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Back pain in children and adolescents: Causes

Peter A Nigrovic, MD
Section Editors
Jan E Drutz, MD
William Phillips, MD
Robert Sundel, MD
Deputy Editor
Mary M Torchia, MD


The causes of back pain in children and adolescents will be reviewed here. The epidemiology and evaluation of back pain in children are discussed separately. (See "Evaluation of the child with back pain".)


Benign musculoskeletal disease and trauma account for most cases of back pain in children and adolescents. Other causes, including congenital and acquired conditions such as trauma, infection, inflammatory disease, and neoplasm, which have different implications for treatment or prognosis, also must be considered (table 1 and table 2).

In most large published series, including those from referral centers, the majority of children with back pain receive no definitive diagnosis [1-5]. Nonspecific musculoskeletal pain accounts for at least 50 percent of cases [2-4,6].

The frequency of specific causes depends upon the population studied. In a prospective series of 73 children presenting to a specialty hospital with back pain for more than three months, excluding children with a history of back surgery, only 13 patients (18 percent) received a definitive diagnosis: spondylolysis with or without spondylolisthesis (nine patients), Scheuermann kyphosis (two patients), osteoid osteoma (one patient), and lumbar disc herniation (one patient) [4]. A retrospective series of 116 adolescents referred to an orthopedic practice for nonmalignant back pain documented nonspecific mechanical pain in 32 patients (28 percent), scoliosis in 31 patients (27 percent), Scheuermann kyphosis in 23 patients (20 percent), spondylolysis or spondylolisthesis in 18 patients (16 percent), and other causes in 12 patients, including only two with disc herniation [7]. Among children who present to the emergency department, common causes of back pain include trauma (25 percent), muscle strain (24 percent), sickle cell crisis (13 percent), idiopathic (13 percent), urinary tract infection (5 percent), and viral illness (4 percent) [1].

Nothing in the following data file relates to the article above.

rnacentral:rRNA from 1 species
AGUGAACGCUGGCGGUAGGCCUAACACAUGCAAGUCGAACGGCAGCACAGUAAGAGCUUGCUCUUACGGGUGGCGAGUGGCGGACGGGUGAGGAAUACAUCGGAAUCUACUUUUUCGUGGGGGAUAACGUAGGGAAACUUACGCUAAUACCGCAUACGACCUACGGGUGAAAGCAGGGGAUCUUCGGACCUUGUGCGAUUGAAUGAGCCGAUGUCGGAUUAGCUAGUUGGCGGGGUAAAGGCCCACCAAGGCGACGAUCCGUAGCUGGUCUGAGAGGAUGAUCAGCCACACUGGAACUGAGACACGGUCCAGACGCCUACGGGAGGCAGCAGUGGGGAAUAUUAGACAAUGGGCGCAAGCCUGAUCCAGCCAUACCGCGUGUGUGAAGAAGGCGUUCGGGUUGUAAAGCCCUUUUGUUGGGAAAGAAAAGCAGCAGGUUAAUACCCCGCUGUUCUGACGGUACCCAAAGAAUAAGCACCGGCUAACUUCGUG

Musculoskeletal back pain may be related to muscles, bones, or discs, each with characteristic features [8].

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Literature review current through: Nov 2017. | This topic last updated: Jun 26, 2017.
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